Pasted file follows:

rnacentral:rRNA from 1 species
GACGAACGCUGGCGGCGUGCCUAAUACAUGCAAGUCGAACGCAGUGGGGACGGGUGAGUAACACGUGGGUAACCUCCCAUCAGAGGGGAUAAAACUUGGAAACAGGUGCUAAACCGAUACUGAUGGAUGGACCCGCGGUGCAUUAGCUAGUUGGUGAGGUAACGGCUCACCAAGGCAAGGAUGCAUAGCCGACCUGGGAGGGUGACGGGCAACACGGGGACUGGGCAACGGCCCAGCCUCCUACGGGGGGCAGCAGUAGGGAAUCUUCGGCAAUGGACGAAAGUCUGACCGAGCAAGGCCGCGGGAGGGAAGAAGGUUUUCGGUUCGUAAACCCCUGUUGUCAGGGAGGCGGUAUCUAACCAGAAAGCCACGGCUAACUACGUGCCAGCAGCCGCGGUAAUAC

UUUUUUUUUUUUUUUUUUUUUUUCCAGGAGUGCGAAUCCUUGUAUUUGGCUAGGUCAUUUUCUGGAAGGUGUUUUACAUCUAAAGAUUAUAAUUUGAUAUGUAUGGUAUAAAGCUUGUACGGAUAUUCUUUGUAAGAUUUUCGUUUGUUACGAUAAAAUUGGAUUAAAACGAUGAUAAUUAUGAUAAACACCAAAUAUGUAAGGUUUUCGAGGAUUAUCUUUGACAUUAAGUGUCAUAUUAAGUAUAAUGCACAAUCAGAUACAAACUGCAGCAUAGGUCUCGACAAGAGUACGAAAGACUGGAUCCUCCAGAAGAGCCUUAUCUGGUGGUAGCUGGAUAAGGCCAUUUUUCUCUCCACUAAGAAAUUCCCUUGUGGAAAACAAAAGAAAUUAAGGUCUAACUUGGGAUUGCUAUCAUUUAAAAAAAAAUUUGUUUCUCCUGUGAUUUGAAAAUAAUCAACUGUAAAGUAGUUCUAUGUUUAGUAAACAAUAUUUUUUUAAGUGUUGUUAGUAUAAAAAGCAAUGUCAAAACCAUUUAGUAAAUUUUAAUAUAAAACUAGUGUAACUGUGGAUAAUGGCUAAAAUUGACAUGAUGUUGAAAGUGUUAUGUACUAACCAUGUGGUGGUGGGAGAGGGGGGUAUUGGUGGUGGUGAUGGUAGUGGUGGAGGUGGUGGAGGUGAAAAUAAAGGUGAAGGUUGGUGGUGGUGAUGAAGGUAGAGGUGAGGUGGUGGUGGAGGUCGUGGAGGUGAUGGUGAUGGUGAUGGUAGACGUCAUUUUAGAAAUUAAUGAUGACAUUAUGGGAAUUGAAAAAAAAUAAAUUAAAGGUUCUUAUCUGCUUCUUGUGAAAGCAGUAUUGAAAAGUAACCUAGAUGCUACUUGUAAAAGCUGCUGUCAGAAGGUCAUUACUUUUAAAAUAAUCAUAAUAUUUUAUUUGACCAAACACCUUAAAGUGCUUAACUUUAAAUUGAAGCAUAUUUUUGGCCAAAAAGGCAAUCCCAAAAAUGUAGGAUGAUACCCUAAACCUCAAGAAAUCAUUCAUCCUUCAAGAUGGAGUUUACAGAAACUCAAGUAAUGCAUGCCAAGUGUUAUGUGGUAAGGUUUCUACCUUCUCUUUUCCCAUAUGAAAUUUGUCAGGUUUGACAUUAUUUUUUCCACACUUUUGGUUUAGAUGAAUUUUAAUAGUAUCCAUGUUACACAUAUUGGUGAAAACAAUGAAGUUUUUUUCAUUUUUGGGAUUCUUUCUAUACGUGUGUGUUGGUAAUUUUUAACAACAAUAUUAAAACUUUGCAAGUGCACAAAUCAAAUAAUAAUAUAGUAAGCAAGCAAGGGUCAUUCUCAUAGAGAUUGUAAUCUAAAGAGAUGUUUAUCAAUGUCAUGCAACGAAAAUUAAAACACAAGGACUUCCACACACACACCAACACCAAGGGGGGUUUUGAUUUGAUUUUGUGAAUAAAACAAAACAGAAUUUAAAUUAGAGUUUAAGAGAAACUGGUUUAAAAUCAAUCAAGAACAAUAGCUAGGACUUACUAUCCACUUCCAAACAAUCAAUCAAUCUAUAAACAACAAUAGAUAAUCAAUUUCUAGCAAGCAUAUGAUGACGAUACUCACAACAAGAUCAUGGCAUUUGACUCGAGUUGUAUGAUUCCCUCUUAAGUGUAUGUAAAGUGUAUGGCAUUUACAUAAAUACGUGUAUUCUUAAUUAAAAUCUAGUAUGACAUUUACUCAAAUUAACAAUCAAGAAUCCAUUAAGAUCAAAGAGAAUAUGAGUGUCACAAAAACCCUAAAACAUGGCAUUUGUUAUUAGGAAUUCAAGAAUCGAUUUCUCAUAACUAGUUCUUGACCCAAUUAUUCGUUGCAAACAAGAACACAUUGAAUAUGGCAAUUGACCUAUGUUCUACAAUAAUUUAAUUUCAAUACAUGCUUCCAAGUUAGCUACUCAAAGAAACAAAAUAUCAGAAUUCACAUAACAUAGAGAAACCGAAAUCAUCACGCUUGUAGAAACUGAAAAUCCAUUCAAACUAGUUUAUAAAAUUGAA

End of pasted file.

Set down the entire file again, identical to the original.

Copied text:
rnacentral:rRNA from 1 species
GACGAACGCUGGCGGCGUGCCUAAUACAUGCAAGUCGAACGCAGUGGGGACGGGUGAGUAACACGUGGGUAACCUCCCAUCAGAGGGGAUAAAACUUGGAAACAGGUGCUAAACCGAUACUGAUGGAUGGACCCGCGGUGCAUUAGCUAGUUGGUGAGGUAACGGCUCACCAAGGCAAGGAUGCAUAGCCGACCUGGGAGGGUGACGGGCAACACGGGGACUGGGCAACGGCCCAGCCUCCUACGGGGGGCAGCAGUAGGGAAUCUUCGGCAAUGGACGAAAGUCUGACCGAGCAAGGCCGCGGGAGGGAAGAAGGUUUUCGGUUCGUAAACCCCUGUUGUCAGGGAGGCGGUAUCUAACCAGAAAGCCACGGCUAACUACGUGCCAGCAGCCGCGGUAAUAC

UUUUUUUUUUUUUUUUUUUUUUUCCAGGAGUGCGAAUCCUUGUAUUUGGCUAGGUCAUUUUCUGGAAGGUGUUUUACAUCUAAAGAUUAUAAUUUGAUAUGUAUGGUAUAAAGCUUGUACGGAUAUUCUUUGUAAGAUUUUCGUUUGUUACGAUAAAAUUGGAUUAAAACGAUGAUAAUUAUGAUAAACACCAAAUAUGUAAGGUUUUCGAGGAUUAUCUUUGACAUUAAGUGUCAUAUUAAGUAUAAUGCACAAUCAGAUACAAACUGCAGCAUAGGUCUCGACAAGAGUACGAAAGACUGGAUCCUCCAGAAGAGCCUUAUCUGGUGGUAGCUGGAUAAGGCCAUUUUUCUCUCCACUAAGAAAUUCCCUUGUGGAAAACAAAAGAAAUUAAGGUCUAACUUGGGAUUGCUAUCAUUUAAAAAAAAAUUUGUUUCUCCUGUGAUUUGAAAAUAAUCAACUGUAAAGUAGUUCUAUGUUUAGUAAACAAUAUUUUUUUAAGUGUUGUUAGUAUAAAAAGCAAUGUCAAAACCAUUUAGUAAAUUUUAAUAUAAAACUAGUGUAACUGUGGAUAAUGGCUAAAAUUGACAUGAUGUUGAAAGUGUUAUGUACUAACCAUGUGGUGGUGGGAGAGGGGGGUAUUGGUGGUGGUGAUGGUAGUGGUGGAGGUGGUGGAGGUGAAAAUAAAGGUGAAGGUUGGUGGUGGUGAUGAAGGUAGAGGUGAGGUGGUGGUGGAGGUCGUGGAGGUGAUGGUGAUGGUGAUGGUAGACGUCAUUUUAGAAAUUAAUGAUGACAUUAUGGGAAUUGAAAAAAAAUAAAUUAAAGGUUCUUAUCUGCUUCUUGUGAAAGCAGUAUUGAAAAGUAACCUAGAUGCUACUUGUAAAAGCUGCUGUCAGAAGGUCAUUACUUUUAAAAUAAUCAUAAUAUUUUAUUUGACCAAACACCUUAAAGUGCUUAACUUUAAAUUGAAGCAUAUUUUUGGCCAAAAAGGCAAUCCCAAAAAUGUAGGAUGAUACCCUAAACCUCAAGAAAUCAUUCAUCCUUCAAGAUGGAGUUUACAGAAACUCAAGUAAUGCAUGCCAAGUGUUAUGUGGUAAGGUUUCUACCUUCUCUUUUCCCAUAUGAAAUUUGUCAGGUUUGACAUUAUUUUUUCCACACUUUUGGUUUAGAUGAAUUUUAAUAGUAUCCAUGUUACACAUAUUGGUGAAAACAAUGAAGUUUUUUUCAUUUUUGGGAUUCUUUCUAUACGUGUGUGUUGGUAAUUUUUAACAACAAUAUUAAAACUUUGCAAGUGCACAAAUCAAAUAAUAAUAUAGUAAGCAAGCAAGGGUCAUUCUCAUAGAGAUUGUAAUCUAAAGAGAUGUUUAUCAAUGUCAUGCAACGAAAAUUAAAACACAAGGACUUCCACACACACACCAACACCAAGGGGGGUUUUGAUUUGAUUUUGUGAAUAAAACAAAACAGAAUUUAAAUUAGAGUUUAAGAGAAACUGGUUUAAAAUCAAUCAAGAACAAUAGCUAGGACUUACUAUCCACUUCCAAACAAUCAAUCAAUCUAUAAACAACAAUAGAUAAUCAAUUUCUAGCAAGCAUAUGAUGACGAUACUCACAACAAGAUCAUGGCAUUUGACUCGAGUUGUAUGAUUCCCUCUUAAGUGUAUGUAAAGUGUAUGGCAUUUACAUAAAUACGUGUAUUCUUAAUUAAAAUCUAGUAUGACAUUUACUCAAAUUAACAAUCAAGAAUCCAUUAAGAUCAAAGAGAAUAUGAGUGUCACAAAAACCCUAAAACAUGGCAUUUGUUAUUAGGAAUUCAAGAAUCGAUUUCUCAUAACUAGUUCUUGACCCAAUUAUUCGUUGCAAACAAGAACACAUUGAAUAUGGCAAUUGACCUAUGUUCUACAAUAAUUUAAUUUCAAUACAUGCUUCCAAGUUAGCUACUCAAAGAAACAAAAUAUCAGAAUUCACAUAACAUAGAGAAACCGAAAUCAUCACGCUUGUAGAAACUGAAAAUCCAUUCAAACUAGUUUAUAAAAUUGAA